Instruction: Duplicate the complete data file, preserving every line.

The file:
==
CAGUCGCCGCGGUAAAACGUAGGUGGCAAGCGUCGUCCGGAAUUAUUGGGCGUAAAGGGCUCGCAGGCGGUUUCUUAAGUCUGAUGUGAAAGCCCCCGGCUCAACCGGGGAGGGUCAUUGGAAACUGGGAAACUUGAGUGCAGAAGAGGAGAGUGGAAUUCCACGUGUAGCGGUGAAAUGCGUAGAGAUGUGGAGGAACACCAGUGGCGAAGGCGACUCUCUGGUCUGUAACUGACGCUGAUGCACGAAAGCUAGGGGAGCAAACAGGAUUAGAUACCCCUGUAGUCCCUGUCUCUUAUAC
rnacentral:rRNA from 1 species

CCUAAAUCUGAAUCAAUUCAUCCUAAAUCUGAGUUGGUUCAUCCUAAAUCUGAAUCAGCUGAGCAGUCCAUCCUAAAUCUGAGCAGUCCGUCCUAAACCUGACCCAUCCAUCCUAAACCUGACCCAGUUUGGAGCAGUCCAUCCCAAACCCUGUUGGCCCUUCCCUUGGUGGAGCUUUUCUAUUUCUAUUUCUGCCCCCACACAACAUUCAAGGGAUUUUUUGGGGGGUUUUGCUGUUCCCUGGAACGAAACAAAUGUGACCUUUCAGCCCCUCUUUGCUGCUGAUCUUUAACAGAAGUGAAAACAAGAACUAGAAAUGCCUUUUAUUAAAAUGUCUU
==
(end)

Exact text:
CAGUCGCCGCGGUAAAACGUAGGUGGCAAGCGUCGUCCGGAAUUAUUGGGCGUAAAGGGCUCGCAGGCGGUUUCUUAAGUCUGAUGUGAAAGCCCCCGGCUCAACCGGGGAGGGUCAUUGGAAACUGGGAAACUUGAGUGCAGAAGAGGAGAGUGGAAUUCCACGUGUAGCGGUGAAAUGCGUAGAGAUGUGGAGGAACACCAGUGGCGAAGGCGACUCUCUGGUCUGUAACUGACGCUGAUGCACGAAAGCUAGGGGAGCAAACAGGAUUAGAUACCCCUGUAGUCCCUGUCUCUUAUAC
rnacentral:rRNA from 1 species

CCUAAAUCUGAAUCAAUUCAUCCUAAAUCUGAGUUGGUUCAUCCUAAAUCUGAAUCAGCUGAGCAGUCCAUCCUAAAUCUGAGCAGUCCGUCCUAAACCUGACCCAUCCAUCCUAAACCUGACCCAGUUUGGAGCAGUCCAUCCCAAACCCUGUUGGCCCUUCCCUUGGUGGAGCUUUUCUAUUUCUAUUUCUGCCCCCACACAACAUUCAAGGGAUUUUUUGGGGGGUUUUGCUGUUCCCUGGAACGAAACAAAUGUGACCUUUCAGCCCCUCUUUGCUGCUGAUCUUUAACAGAAGUGAAAACAAGAACUAGAAAUGCCUUUUAUUAAAAUGUCUU